In each case, the overlying and underlying medical images should be complementary to each other, and should be amenable to manual vernier registration adjustment by the user. Any of a variety of manual vernier registration adjustment techniques may be employed between the overlaid image and the underlying image.

For those preferred embodiments in which a first medical image is provided in film or other hardcopy format while a second medical image is provided in electronic display format, a bar code reader is included in the viewing station hardware. The bar code reader reads a bar code that is placed on each hardcopy image, using that bar code information to locate and access the second medical image from the system database.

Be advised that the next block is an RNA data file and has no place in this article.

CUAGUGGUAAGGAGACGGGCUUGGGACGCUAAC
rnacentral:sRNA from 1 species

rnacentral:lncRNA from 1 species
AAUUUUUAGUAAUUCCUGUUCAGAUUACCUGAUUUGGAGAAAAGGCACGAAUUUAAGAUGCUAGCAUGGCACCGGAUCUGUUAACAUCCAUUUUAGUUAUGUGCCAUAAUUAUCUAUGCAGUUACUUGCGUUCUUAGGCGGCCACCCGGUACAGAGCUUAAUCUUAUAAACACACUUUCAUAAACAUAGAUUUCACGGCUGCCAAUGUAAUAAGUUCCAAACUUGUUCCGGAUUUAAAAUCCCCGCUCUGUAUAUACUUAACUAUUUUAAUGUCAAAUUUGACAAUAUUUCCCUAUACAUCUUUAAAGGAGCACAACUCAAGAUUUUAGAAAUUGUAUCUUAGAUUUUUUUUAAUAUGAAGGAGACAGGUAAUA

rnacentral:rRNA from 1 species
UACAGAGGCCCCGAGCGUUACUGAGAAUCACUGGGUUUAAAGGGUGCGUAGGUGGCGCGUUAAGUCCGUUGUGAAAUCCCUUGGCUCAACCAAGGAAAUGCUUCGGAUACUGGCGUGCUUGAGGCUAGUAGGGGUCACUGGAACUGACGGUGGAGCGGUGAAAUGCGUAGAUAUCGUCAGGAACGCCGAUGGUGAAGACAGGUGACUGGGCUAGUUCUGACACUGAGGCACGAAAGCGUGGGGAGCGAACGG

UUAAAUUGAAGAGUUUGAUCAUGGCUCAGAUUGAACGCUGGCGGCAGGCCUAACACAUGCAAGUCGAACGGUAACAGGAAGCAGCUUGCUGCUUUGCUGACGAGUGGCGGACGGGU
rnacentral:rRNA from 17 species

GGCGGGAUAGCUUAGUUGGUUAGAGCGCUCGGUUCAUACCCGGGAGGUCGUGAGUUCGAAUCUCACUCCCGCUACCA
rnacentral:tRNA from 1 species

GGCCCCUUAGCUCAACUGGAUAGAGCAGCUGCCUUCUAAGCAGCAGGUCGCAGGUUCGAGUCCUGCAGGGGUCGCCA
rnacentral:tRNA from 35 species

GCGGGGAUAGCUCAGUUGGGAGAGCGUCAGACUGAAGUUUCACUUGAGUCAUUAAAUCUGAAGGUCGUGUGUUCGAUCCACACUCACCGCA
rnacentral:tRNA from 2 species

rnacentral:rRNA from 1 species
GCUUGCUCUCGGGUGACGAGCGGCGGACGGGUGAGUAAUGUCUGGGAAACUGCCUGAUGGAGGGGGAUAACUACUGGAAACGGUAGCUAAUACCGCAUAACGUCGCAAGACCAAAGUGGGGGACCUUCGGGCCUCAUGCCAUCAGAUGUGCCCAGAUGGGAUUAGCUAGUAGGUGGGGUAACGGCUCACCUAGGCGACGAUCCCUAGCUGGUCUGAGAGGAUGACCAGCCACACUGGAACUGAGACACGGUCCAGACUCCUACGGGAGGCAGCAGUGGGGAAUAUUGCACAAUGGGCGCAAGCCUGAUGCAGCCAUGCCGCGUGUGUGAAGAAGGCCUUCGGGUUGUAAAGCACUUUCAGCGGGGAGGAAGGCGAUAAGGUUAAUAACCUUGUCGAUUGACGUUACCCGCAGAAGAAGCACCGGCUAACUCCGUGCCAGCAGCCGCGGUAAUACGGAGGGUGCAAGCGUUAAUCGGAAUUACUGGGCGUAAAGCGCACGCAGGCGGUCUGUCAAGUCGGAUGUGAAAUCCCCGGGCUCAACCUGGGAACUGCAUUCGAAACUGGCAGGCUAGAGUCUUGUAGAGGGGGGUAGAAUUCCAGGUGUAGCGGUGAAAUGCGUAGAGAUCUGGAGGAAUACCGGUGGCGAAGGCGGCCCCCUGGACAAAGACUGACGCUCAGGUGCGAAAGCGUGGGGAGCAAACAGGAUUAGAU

Any of a variety of manual vernier registration adjustment techniques may be employed between the overlaid image and the underlying image, including touch-screen control, mouse or joystick control, trackball control, mechanical control, other techniques, or a combination of these techniques. For example, where both the x-ray image and ultrasound image are electronically displayed on the same display monitor, a click-and-drag technique using a computer mouse or joystick may be used. If one or both of the component images is on film or other hardcopy format, the radiologist may slide the overlying image across the underlying image by hand. Alternatively or in conjunction therewith, where the underlying image is achieved by backprojection or computer display, the underlying image may be manually shifted using by computer mouse click-and-drag, joystick, or trackball control.